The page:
Algorithms Clearly Beat Gamers at Quantum Moves. A Verification. (arXiv:1904.01008v3 [cs.OH] UPDATED)

The paper [S{\o}rensen et al., Nature 532] presents and discusses results for
a Quantum Moves game, BringHomeWater, where players have attempted to move a
quantum state from one position to another in a simulated optical tweezer and
atoms setup. The paper compares the player solutions to numerical methods that
the authors discuss. In particular, [S{\o}rensen et al., Nature 532] show
evidence that the so-called Krotov optimization method performs worse than
solutions that the human players have come up with. Given the assumption that
the Krotov method has been correctly applied, the evidence points to the fact
that human players can outperform the Krotov method. This is the find and claim
of [S{\o}rensen et al., Nature 532] and it features prominent in the abstract
of the paper. It leads the authors to conclude that 'players succeed where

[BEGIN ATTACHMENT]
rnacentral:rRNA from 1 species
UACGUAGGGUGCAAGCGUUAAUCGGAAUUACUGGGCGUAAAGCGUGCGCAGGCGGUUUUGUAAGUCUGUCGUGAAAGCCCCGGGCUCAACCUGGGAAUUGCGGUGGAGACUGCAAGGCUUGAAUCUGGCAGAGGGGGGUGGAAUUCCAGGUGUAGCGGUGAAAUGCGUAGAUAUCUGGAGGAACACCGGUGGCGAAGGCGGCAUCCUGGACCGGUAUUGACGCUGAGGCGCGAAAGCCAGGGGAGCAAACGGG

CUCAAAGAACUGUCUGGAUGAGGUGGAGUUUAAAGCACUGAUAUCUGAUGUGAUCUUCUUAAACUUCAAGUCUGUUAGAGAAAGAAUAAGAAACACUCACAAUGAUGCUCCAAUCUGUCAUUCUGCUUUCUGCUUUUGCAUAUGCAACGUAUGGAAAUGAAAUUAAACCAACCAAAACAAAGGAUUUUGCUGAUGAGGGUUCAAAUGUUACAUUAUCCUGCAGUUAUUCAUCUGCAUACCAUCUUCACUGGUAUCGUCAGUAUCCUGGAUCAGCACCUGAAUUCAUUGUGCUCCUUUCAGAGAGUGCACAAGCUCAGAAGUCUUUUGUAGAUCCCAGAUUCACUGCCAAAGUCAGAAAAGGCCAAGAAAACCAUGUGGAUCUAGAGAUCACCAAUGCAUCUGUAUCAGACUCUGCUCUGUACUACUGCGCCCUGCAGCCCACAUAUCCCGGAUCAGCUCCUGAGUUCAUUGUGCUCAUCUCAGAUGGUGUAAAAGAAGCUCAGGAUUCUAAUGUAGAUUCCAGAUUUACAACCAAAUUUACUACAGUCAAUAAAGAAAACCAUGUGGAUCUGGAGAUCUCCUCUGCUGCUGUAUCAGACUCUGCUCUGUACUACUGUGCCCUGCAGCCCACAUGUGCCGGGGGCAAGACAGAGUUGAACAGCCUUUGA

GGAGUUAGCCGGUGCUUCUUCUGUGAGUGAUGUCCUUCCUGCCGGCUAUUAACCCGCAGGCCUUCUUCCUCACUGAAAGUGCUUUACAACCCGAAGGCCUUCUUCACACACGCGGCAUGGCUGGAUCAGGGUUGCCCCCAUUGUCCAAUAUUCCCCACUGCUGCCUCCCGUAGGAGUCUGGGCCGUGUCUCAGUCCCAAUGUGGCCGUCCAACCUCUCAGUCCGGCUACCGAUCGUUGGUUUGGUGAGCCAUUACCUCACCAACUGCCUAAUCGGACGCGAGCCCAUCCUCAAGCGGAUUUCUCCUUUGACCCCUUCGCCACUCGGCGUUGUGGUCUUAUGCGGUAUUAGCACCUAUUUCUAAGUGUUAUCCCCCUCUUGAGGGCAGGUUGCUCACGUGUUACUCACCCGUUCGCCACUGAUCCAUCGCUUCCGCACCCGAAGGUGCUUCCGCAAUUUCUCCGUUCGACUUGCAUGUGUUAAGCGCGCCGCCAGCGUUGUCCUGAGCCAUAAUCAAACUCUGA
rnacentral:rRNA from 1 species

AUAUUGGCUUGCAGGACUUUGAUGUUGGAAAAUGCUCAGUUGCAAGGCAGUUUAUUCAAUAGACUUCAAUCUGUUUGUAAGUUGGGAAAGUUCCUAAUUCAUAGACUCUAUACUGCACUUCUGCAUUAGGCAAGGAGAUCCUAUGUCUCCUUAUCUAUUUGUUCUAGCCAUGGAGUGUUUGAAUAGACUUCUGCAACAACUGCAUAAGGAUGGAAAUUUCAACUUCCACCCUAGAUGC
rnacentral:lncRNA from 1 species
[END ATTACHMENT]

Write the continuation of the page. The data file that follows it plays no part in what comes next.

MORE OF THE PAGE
purely numerical optimization fails, and analysis of their solutions provide
insights into the problem of optimization of a more profound and general
nature.' While it seems clear from the presented data that human players have
indeed outperformed a particular implementation of the Krotov algorithm (and,
according to [S{\o}rensen et al., Nature 532], as a consequence also algorithms
like CRAB and evolutionary approaches which perform worse than Krotov), there
is no reason to believe that this finding is of any particular significance. In
fact, as has been discussed first by D. Sels [D. Sels, Phys. Rev. A 97,
040302], a very simple approach using classical arguments can capture the
BringHomeWater Quantum Moves game far better than the player approach.
Furthermore, as also shown by [D. Sels, Phys. Rev. A 97, 040302], one of the
simplest optimization algorithms available, Stochastic Ascent, can outperform
all of the above. Here we elaborate on the method discussed by [D. Sels, Phys.
Rev. A 97, 040302] and verify the conclusions put forward by D. Sels

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